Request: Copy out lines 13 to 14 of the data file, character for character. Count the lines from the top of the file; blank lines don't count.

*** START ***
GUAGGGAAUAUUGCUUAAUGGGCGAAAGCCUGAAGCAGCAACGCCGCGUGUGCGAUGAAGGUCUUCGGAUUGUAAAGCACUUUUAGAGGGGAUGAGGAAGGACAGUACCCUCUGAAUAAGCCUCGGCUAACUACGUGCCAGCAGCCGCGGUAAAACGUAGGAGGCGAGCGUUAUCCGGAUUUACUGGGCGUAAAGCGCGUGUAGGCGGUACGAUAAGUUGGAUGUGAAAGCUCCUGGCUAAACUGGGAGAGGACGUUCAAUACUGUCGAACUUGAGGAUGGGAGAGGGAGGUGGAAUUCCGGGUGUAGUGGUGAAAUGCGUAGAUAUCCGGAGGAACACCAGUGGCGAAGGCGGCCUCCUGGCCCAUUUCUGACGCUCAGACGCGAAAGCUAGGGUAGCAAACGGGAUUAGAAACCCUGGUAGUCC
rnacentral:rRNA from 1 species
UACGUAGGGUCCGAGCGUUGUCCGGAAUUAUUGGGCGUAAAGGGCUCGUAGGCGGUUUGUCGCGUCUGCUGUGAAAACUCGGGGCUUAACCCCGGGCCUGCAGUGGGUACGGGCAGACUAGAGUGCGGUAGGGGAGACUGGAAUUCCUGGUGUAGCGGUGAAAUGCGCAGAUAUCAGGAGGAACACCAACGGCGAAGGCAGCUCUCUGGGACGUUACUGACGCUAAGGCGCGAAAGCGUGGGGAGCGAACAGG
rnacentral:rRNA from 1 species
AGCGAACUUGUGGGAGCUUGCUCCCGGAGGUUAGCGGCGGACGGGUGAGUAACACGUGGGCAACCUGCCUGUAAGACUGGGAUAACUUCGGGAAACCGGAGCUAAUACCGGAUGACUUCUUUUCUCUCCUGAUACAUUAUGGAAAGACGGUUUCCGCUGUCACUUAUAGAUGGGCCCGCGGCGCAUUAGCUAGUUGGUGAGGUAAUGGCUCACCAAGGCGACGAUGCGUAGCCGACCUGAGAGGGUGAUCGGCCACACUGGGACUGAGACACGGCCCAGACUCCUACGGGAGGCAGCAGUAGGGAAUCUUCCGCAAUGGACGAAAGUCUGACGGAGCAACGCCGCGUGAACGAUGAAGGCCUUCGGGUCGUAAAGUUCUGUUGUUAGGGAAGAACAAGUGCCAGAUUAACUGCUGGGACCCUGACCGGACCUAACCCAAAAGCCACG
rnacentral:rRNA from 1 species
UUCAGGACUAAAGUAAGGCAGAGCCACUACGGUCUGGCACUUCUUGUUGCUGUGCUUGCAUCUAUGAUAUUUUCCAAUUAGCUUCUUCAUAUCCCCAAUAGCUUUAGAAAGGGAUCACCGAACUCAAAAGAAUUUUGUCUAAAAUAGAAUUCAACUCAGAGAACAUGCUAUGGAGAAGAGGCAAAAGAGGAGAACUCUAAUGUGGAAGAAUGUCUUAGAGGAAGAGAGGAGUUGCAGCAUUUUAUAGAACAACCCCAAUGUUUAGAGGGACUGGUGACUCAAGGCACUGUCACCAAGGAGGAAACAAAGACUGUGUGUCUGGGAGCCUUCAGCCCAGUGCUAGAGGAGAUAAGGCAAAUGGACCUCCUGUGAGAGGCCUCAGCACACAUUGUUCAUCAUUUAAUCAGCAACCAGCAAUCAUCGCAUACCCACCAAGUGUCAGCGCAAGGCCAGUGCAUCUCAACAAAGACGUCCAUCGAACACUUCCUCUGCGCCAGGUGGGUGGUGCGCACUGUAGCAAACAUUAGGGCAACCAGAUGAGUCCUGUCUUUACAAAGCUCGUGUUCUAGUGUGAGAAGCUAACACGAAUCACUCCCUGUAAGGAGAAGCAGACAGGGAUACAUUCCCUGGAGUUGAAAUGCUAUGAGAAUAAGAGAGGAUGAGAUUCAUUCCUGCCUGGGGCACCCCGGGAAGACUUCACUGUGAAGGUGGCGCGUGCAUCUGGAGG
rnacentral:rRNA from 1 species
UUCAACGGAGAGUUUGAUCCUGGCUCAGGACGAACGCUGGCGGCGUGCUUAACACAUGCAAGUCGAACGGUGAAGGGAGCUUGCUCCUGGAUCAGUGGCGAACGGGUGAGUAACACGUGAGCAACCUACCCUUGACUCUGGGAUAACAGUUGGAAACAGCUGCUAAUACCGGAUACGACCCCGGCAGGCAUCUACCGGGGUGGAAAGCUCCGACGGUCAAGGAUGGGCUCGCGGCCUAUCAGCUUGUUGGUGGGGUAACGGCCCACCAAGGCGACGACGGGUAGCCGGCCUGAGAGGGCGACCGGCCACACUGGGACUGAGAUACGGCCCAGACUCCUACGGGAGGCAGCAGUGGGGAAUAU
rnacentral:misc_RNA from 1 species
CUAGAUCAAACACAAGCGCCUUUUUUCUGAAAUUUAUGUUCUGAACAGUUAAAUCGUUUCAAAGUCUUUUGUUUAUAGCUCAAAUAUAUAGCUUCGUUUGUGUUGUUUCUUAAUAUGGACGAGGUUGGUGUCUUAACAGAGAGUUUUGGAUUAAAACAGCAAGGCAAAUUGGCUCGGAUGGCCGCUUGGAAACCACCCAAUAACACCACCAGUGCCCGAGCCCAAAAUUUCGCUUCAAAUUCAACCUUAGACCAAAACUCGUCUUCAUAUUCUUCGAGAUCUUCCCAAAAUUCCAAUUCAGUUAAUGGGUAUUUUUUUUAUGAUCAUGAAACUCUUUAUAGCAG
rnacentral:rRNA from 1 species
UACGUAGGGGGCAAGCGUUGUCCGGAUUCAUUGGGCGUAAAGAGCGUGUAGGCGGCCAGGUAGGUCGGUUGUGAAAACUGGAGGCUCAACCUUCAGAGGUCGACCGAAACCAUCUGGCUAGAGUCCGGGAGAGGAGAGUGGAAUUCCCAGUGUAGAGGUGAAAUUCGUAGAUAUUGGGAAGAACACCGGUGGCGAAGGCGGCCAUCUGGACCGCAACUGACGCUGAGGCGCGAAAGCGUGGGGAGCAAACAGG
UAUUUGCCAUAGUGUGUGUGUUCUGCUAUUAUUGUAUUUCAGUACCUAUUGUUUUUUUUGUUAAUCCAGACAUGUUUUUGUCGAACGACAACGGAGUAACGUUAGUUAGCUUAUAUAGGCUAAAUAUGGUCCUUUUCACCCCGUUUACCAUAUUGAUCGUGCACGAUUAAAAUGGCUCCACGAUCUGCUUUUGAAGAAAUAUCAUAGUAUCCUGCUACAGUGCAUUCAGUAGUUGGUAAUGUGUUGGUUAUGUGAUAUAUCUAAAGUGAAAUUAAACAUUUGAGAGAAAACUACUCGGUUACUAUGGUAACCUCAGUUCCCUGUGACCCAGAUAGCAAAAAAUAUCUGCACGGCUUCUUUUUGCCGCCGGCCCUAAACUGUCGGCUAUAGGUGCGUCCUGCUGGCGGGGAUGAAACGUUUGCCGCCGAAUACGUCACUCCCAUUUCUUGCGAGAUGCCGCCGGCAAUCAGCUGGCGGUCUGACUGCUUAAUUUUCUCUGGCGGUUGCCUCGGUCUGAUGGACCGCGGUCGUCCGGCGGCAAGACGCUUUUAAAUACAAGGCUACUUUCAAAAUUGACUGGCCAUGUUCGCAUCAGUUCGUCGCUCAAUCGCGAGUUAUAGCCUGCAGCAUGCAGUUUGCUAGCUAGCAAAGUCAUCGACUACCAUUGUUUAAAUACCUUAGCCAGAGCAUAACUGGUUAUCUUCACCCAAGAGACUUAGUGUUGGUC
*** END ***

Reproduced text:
UACGUAGGGGGCAAGCGUUGUCCGGAUUCAUUGGGCGUAAAGAGCGUGUAGGCGGCCAGGUAGGUCGGUUGUGAAAACUGGAGGCUCAACCUUCAGAGGUCGACCGAAACCAUCUGGCUAGAGUCCGGGAGAGGAGAGUGGAAUUCCCAGUGUAGAGGUGAAAUUCGUAGAUAUUGGGAAGAACACCGGUGGCGAAGGCGGCCAUCUGGACCGCAACUGACGCUGAGGCGCGAAAGCGUGGGGAGCAAACAGG
UAUUUGCCAUAGUGUGUGUGUUCUGCUAUUAUUGUAUUUCAGUACCUAUUGUUUUUUUUGUUAAUCCAGACAUGUUUUUGUCGAACGACAACGGAGUAACGUUAGUUAGCUUAUAUAGGCUAAAUAUGGUCCUUUUCACCCCGUUUACCAUAUUGAUCGUGCACGAUUAAAAUGGCUCCACGAUCUGCUUUUGAAGAAAUAUCAUAGUAUCCUGCUACAGUGCAUUCAGUAGUUGGUAAUGUGUUGGUUAUGUGAUAUAUCUAAAGUGAAAUUAAACAUUUGAGAGAAAACUACUCGGUUACUAUGGUAACCUCAGUUCCCUGUGACCCAGAUAGCAAAAAAUAUCUGCACGGCUUCUUUUUGCCGCCGGCCCUAAACUGUCGGCUAUAGGUGCGUCCUGCUGGCGGGGAUGAAACGUUUGCCGCCGAAUACGUCACUCCCAUUUCUUGCGAGAUGCCGCCGGCAAUCAGCUGGCGGUCUGACUGCUUAAUUUUCUCUGGCGGUUGCCUCGGUCUGAUGGACCGCGGUCGUCCGGCGGCAAGACGCUUUUAAAUACAAGGCUACUUUCAAAAUUGACUGGCCAUGUUCGCAUCAGUUCGUCGCUCAAUCGCGAGUUAUAGCCUGCAGCAUGCAGUUUGCUAGCUAGCAAAGUCAUCGACUACCAUUGUUUAAAUACCUUAGCCAGAGCAUAACUGGUUAUCUUCACCCAAGAGACUUAGUGUUGGUC